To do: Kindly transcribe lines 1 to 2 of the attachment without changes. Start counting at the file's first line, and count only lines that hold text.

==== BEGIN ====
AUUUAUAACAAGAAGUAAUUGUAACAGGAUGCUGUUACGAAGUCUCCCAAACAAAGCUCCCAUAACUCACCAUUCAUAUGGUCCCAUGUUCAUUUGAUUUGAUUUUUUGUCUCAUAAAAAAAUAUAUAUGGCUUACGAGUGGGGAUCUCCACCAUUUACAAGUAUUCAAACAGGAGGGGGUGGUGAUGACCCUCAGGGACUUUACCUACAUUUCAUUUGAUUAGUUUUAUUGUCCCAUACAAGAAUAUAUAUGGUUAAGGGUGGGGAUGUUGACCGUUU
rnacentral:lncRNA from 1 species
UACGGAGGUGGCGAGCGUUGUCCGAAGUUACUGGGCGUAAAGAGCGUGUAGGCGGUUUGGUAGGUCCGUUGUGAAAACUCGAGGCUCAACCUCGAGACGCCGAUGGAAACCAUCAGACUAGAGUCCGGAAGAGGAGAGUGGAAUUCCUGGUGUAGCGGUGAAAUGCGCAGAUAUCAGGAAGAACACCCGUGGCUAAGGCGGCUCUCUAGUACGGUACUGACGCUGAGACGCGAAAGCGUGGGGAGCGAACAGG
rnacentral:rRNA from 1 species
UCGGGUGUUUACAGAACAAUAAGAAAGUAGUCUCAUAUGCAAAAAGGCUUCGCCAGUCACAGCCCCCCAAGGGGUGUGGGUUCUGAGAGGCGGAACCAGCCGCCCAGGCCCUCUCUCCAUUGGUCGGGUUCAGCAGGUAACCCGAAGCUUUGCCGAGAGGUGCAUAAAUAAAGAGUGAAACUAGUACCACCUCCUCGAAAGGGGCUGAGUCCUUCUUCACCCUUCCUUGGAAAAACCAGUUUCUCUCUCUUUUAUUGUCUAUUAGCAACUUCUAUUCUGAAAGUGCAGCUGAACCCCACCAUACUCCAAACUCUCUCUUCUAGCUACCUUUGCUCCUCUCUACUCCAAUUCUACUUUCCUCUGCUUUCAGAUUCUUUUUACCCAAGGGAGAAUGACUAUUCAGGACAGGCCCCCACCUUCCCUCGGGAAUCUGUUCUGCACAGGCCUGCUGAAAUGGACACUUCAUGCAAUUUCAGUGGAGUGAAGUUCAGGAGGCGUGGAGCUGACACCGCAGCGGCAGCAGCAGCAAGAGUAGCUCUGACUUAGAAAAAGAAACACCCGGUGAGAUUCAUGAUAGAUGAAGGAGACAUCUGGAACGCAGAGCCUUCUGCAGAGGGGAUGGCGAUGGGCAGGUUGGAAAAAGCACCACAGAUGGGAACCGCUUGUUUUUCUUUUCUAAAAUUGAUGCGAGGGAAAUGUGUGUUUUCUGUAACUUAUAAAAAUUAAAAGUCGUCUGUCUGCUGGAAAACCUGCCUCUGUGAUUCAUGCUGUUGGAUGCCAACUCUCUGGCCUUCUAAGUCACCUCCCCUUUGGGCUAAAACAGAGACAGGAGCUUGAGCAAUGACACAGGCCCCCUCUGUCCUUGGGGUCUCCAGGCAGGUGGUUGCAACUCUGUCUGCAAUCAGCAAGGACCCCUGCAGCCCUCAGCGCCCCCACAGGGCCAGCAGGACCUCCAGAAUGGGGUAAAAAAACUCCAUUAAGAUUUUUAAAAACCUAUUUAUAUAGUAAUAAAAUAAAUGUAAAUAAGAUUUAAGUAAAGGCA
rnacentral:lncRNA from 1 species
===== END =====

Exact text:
AUUUAUAACAAGAAGUAAUUGUAACAGGAUGCUGUUACGAAGUCUCCCAAACAAAGCUCCCAUAACUCACCAUUCAUAUGGUCCCAUGUUCAUUUGAUUUGAUUUUUUGUCUCAUAAAAAAAUAUAUAUGGCUUACGAGUGGGGAUCUCCACCAUUUACAAGUAUUCAAACAGGAGGGGGUGGUGAUGACCCUCAGGGACUUUACCUACAUUUCAUUUGAUUAGUUUUAUUGUCCCAUACAAGAAUAUAUAUGGUUAAGGGUGGGGAUGUUGACCGUUU
rnacentral:lncRNA from 1 species